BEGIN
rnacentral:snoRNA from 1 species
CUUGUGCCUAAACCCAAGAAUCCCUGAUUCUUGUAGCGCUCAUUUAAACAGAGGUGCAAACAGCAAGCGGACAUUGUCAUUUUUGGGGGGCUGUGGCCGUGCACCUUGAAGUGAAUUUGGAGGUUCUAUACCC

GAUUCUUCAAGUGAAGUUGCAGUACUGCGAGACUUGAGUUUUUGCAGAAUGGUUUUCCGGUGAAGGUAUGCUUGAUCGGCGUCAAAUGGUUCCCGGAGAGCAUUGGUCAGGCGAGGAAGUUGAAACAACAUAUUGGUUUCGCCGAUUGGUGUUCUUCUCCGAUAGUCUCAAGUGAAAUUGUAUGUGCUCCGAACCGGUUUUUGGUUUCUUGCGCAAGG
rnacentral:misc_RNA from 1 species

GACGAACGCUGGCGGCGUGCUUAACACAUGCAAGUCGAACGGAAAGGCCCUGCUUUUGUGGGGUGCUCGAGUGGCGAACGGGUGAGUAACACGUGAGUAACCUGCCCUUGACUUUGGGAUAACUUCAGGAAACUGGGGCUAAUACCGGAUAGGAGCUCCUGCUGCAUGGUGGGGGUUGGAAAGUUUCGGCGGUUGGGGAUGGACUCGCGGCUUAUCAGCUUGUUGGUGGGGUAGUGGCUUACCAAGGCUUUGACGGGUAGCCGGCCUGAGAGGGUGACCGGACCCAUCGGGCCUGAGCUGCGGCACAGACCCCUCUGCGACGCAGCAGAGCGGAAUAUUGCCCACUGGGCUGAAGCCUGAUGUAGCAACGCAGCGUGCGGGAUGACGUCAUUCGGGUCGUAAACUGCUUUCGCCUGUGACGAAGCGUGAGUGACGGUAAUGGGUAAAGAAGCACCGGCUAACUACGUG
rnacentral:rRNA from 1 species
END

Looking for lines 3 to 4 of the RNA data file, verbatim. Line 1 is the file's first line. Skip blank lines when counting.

GAUUCUUCAAGUGAAGUUGCAGUACUGCGAGACUUGAGUUUUUGCAGAAUGGUUUUCCGGUGAAGGUAUGCUUGAUCGGCGUCAAAUGGUUCCCGGAGAGCAUUGGUCAGGCGAGGAAGUUGAAACAACAUAUUGGUUUCGCCGAUUGGUGUUCUUCUCCGAUAGUCUCAAGUGAAAUUGUAUGUGCUCCGAACCGGUUUUUGGUUUCUUGCGCAAGG
rnacentral:misc_RNA from 1 species